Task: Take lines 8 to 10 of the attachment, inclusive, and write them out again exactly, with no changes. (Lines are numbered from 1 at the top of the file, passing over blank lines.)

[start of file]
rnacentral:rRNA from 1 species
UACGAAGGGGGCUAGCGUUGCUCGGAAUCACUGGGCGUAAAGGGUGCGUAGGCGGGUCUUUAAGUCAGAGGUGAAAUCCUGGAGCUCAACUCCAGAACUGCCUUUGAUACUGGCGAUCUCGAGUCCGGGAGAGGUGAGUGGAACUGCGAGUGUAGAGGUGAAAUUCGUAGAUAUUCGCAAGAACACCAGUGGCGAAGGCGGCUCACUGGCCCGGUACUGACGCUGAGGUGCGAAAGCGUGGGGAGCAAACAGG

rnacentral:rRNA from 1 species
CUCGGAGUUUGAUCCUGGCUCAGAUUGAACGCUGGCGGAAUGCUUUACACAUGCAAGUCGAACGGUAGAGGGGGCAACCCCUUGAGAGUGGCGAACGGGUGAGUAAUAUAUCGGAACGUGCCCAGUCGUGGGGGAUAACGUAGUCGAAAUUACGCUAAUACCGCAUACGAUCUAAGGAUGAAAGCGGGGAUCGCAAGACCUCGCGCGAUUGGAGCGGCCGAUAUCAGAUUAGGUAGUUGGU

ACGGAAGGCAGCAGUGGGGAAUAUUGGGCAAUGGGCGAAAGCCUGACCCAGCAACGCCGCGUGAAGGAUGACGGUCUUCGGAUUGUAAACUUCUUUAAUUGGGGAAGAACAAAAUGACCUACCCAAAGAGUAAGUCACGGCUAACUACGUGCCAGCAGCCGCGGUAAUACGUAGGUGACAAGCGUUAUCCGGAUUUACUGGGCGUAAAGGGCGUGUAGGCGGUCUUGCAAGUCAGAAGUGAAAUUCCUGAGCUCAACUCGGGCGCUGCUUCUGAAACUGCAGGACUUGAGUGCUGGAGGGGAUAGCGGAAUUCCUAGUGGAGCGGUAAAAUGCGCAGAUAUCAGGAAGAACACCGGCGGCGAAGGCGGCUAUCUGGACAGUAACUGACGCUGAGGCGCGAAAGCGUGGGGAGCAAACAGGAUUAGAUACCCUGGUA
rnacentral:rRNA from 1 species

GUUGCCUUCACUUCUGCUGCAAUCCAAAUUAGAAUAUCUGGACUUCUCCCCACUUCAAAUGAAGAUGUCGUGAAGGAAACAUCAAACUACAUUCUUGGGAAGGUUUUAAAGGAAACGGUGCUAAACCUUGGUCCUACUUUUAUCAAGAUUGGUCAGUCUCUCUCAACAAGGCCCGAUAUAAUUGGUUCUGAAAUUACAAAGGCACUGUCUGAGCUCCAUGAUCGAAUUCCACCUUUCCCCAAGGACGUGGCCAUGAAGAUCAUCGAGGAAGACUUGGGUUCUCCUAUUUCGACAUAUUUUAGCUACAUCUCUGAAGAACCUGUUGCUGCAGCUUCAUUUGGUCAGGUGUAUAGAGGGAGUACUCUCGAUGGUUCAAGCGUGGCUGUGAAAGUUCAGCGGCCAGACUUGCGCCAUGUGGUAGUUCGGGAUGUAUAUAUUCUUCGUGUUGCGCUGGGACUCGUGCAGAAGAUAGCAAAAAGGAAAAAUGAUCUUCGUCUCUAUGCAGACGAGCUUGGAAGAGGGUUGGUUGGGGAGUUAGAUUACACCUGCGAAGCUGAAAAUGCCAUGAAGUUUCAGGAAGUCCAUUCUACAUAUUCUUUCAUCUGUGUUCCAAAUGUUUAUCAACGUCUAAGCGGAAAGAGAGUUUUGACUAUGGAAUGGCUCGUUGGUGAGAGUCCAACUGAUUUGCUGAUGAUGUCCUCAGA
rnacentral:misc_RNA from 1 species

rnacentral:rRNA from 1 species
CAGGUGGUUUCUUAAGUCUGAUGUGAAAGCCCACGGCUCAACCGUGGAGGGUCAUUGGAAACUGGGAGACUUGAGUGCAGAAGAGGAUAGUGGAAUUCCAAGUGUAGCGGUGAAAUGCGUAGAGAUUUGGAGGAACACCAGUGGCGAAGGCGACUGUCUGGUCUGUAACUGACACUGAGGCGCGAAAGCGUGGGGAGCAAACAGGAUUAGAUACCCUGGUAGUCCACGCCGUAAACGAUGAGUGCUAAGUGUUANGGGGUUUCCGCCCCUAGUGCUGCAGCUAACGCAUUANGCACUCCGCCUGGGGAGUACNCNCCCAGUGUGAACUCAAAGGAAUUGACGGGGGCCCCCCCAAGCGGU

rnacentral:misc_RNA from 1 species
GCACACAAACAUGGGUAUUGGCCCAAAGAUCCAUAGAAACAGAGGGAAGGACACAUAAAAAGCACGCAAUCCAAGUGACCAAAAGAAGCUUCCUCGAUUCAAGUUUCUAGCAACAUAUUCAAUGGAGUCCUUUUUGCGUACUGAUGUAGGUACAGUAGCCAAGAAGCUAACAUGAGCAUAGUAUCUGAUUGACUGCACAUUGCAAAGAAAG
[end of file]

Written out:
rnacentral:misc_RNA from 1 species

rnacentral:rRNA from 1 species
CAGGUGGUUUCUUAAGUCUGAUGUGAAAGCCCACGGCUCAACCGUGGAGGGUCAUUGGAAACUGGGAGACUUGAGUGCAGAAGAGGAUAGUGGAAUUCCAAGUGUAGCGGUGAAAUGCGUAGAGAUUUGGAGGAACACCAGUGGCGAAGGCGACUGUCUGGUCUGUAACUGACACUGAGGCGCGAAAGCGUGGGGAGCAAACAGGAUUAGAUACCCUGGUAGUCCACGCCGUAAACGAUGAGUGCUAAGUGUUANGGGGUUUCCGCCCCUAGUGCUGCAGCUAACGCAUUANGCACUCCGCCUGGGGAGUACNCNCCCAGUGUGAACUCAAAGGAAUUGACGGGGGCCCCCCCAAGCGGU